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Susanne Dillingham’s sister came up with the name for her business: The Tiny Chef. “She asked me what is the first thing people notice about me? It’s that I’m small,” says Dillingham, 30. Her first restaurant position was as a dishwasher at Cino Grille when she was 17, followed by jobs at Toscana and Upstream. She studied culinary arts at Apicius International School of Hospitality in Florence, Italy, and in 2007 founded The Tiny Chef. She provides personal meal preparation and cooking classes, often featuring food from local farms.

Q. How did your childhood define your style?

A. My mom had a French hand-sewing business called the French Bonnet. Everything I had was smocked. I was always dressed well, with a huge bow, Southern-style, and huge glasses. Nobody ever made fun of me. I think I was always comfortable with myself.

Q. What word describes your style?

A. Strange. I love Italian clothes, and I love Italian style. I’m 5 feet tall and 100 pounds, and a lot of my clothes are children’s clothes, which is wonderful when you have expensive tastes, because children’s clothes are half the price.

Q. Why do you have such an affinity for Italy?

A. When I worked for Toscana, Augusto’s brother Johnny told me, “When you go to culinary school, you should really go to Italy. That’s the place you will learn the most.” They said, “Don’t go to France.”

Q. Why not France?

A. The French think their food is more refined. The Italians think the French stole everything.

Q. What do you love about Italian design?

A. The colors are different. The fit works for me. The craftsmanship. The leather is amazing. The Italians really care about quality vs. quantity. It’s the same thing with food.

Q. Do you buy shoes there?

A. Yes. Most of my shoes are made by Vic Matie. They are made by hand. And OXS.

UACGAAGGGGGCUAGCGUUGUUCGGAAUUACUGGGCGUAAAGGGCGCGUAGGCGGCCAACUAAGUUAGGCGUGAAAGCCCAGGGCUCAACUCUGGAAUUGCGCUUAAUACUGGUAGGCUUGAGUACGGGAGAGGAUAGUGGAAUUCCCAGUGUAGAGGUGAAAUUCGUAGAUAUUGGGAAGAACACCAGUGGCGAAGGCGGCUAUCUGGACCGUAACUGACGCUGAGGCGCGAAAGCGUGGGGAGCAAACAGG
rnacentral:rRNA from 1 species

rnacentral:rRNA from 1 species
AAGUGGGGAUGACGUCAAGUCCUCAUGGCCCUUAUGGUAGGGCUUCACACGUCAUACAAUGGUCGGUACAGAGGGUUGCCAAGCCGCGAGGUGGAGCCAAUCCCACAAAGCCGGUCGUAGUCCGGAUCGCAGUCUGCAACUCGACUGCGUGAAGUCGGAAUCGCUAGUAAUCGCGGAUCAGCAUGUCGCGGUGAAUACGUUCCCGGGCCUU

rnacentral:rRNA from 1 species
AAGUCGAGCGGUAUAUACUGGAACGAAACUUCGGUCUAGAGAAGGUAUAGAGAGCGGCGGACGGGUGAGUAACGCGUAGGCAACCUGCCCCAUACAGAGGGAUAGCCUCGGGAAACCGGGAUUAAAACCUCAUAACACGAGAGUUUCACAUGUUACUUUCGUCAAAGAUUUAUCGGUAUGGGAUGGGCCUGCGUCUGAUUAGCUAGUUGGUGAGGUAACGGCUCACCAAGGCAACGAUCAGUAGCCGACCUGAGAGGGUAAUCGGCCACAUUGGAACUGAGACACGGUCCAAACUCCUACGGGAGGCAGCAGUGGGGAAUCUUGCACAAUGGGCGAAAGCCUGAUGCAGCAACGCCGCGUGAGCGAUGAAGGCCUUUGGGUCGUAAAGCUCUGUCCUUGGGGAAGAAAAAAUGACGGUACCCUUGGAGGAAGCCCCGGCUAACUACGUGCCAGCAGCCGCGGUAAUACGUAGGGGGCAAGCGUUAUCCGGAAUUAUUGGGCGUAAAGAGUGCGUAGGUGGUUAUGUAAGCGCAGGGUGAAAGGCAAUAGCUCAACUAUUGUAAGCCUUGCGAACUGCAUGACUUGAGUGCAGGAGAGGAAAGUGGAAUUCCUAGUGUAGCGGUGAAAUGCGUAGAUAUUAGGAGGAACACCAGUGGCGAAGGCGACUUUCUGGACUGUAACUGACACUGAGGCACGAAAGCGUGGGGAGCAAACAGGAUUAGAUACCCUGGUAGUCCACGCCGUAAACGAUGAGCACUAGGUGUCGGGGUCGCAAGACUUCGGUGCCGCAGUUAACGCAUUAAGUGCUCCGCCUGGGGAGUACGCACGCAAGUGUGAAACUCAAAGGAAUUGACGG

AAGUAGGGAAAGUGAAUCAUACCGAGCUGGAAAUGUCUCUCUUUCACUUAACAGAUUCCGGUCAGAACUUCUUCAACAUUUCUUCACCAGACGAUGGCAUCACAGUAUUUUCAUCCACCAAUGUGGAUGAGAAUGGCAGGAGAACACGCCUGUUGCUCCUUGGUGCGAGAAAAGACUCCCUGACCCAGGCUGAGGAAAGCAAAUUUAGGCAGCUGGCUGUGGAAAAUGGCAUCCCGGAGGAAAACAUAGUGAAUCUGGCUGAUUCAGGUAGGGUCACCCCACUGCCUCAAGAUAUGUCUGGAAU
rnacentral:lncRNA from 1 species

Q. Tell me a few of your favorite Italian designers.

A. Dolce & Gabbana. I have a bathing suit by them I’ve been wearing for 8 years, and it still looks good. Cavalli is whimsical, and uses a lot of snakes, and snake print. There’s an everyday brand called Pepe Nero that I like a lot.

Q. Tell me a few things in your refrigerator.

A. Colorful radishes, bok choy and whole wheat flour from Cold Water Creek Farms, eggs from Windy Hill Farm, and butter from Cackleberry Farm.

Q. Why do you buy local food?

A. These are friends of mine, and I want to support what they are doing, and they do the same for me. If anything is wrong with the food, I know who to go to if I have any questions. I know how it’s produced, how it’s grown, and how they are feeding the animals.

Q. What piece of clothing can’t you live without?

A. It’s from J. Crew. It’s the most beautiful coat you’ve ever seen. It’s red, and it has flowers and berries all over it.

Q. What are your work shoes?

A. Dansko shoes. You have to learn to walk in them so you don’t break your ankles.

Q. What’s always in your purse?

A. A wine bottle opener.

Q. Any fashion quirks?

A. I like a dress with pockets, because my hands are always cold.

Q. Your best bargain?

A. Everything. When I like something, I wait to see if it is going to go on sale, or if I can get it in a children’s size. Like Uggs. Size 5 kids’ fit me, and they are cheaper. And they have sparkles. Once you put your foot in them it’s like angels kissing your feet.

Q. What’s one of your favorite meals to cook?

A. There’s a dish I make called vincigrassi that uses a variety of meats and béchamel sauce. It’s easy to make, and everybody loves it.

Q. Tell me a wine you like.

A. I prefer Jeff Gordon Cellars. He has a beautiful 2009 Cabernet that is coming out right now.

Q. What’s your favorite comfort food?

A. Macaroni and cheese. Italians always die when I say that.

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